quaker fencer

kathz isn't quite my name. I may be a Quaker. If I'm a fencer I'm a bad one and I don't do sabre. If I'm a Quaker I'm a bad one - but you've worked that out already. Read on. Comment if you like. Don't expect a reply.

Location: United Kingdom

Wednesday, April 26, 2006

iron and steel

Fencing resumed today after a week's break. A crowded journey - the driver, me, three boys aged 12-16 plus quantities of fencing kit crammed into a small car. (I suppose the badminton players have the advantage when it comes to carrying equipment.)

There's a new beginners' class starting up so the hall was packed. "Aha! - new people to stab!" I said to the boys, but of course we won't be let loose on them (or they on us) for ages yet. After the introductory talk the crowd was strung out across the hall in a long row (left-handers together at one end) practising the fencing stance and moving backward a few steps, forwards a few steps before, finally, being given the chance to hold a foil. By this time some of them were surreptitiously massaging aching muscles. "They'll be aching tomorrow," one of the women commented, and we recalled the pain.

I wasn't sure that I should be fencing. Every so often either my iron level or my blood pressure dips and I find rooms darkening and floors swaying unexpectedly. After two or three years with no problems, yesterday saw me rather more tired than usual and the floor started sloping like the deck of a ship toward the end of the day. So I headed off to the doctor, returned later for a blood test and - while awaiting the result - purchased a jar of vitamins with iron. It's not serious at all, by the way, and can be quite funny. Years ago I fainted as I finished teaching a seminar which certainly made it memorable for the concerned students. These days I usually manage to avoid fainting, though I can find myself swaying in harmony with the floor.

But I couldn't miss fencing. "Just a little light foil," I told myself - so within ten minutes of arriving I was happily fencing epee against a beginner epeeist (he started foil at the same time as me but has only recently been trying epee). I got some hits in and maintained a reasonable speed - most of all, I kept going and didn't feel faint. It did wonders for my confidence.

Fencing an experienced epeeist was another matter. However much he slowed down, I was missing easy hits and, just as I began to get into the way of things, the faintness hit. I would not give into it. However, for about five minutes I was more concerned with standing upright holding my epee than with hitting or parrying. My kind opponent, as usual, was saying "sorry" almost every time he hit me - most of the time, in other words. For once I was relieved when he suggested, as usual, that we end with a bout to five.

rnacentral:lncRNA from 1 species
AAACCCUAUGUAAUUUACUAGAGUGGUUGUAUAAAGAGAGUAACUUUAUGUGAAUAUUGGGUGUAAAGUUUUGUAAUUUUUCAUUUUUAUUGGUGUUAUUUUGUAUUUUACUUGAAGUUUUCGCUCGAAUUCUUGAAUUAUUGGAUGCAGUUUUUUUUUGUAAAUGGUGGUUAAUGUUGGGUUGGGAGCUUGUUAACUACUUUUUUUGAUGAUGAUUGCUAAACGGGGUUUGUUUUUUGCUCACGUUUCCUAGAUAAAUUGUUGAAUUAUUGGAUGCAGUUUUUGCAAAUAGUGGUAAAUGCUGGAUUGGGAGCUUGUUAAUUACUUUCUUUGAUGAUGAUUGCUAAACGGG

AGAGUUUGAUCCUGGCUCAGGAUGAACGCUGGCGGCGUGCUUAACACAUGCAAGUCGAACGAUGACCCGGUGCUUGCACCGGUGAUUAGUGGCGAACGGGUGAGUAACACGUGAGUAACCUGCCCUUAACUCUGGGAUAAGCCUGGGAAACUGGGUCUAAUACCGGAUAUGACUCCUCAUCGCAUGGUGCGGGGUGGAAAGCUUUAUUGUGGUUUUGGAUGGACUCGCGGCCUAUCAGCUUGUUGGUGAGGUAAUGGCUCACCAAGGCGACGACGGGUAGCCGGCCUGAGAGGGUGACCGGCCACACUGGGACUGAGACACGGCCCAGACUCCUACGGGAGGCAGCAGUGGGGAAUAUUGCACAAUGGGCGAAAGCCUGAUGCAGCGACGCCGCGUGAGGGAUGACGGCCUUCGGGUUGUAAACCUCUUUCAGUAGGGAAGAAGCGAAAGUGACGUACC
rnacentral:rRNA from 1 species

After that, foil and conversation till it was time to go home. And, fencing a less-experienced foilist (there really are less experienced fencers than me!) I slowed down so that she could practise attacking while I parried. I slowed down so much I was in a daydream at times - and very peaceful it was too.

If it is iron deficiency that's the problem, the tablets should kick in by next week when I'll be filled with energy again. Come to think of it, am I using the wrong weapon for all those swaying and sloping floors? Is it sabre they use in pirate movies? There's an idea .. Johnny Depp, here I come!.

Friday, April 21, 2006

fencing Darth Vader

I got back from Paris last night. Readers may have the image of me wandering (sword in hand, naturally) past Notro Dame and the Louvre, challenging passing fencers to a bout of epee. I quite like that picture myself - next time, perhaps. But it was better than that because I stayed with good friends in a suburb (yes, the dreaded banlieues, where, contrary to recent reports, I find life more relaxed, friendlier and safer than at home in Nottingham) and had a chance to talk and listen and rest, enjoying excellent food with a range of appropriate alcoholic accompaniments.

My two journeys into - or through - Paris were arranged for the entertainment of four young people, aged 12-17. The first was to Parc Asterix - an intelligent and witty theme park. Alas, I missed my favourite piece of street theatre - a d'Artagnan episode including swordplay and an escape on horseback. The nearest thing to fencing I saw was in an Asterix-related Viking spectacle, in which a young woman conquered a man who instantly presented her with a red rose - not the sort of thing that happens to me when fencing at the local leisure centre! And the most exciting thing was my first roller coaster ride for years - not on a very big roller coaster but one that was quite exciting enough, in the classical Greek section of the park The ride was called Le Vol d'Icare (the flight of Icarus) and, after the first few seconds I made up my mind to enjoy the ride - and did, which was quite an achievement. Should anyone reading this plan to visit Parc Asterix, the only advice I would give is to avoid the water rides (Le Grand Splatch, Styx, and Menhir) unless the weather is very warm - I spent a shivery hour or so in damp clothes. Young people don't seem to be affected by this - they warmed up by going on a couple more rides.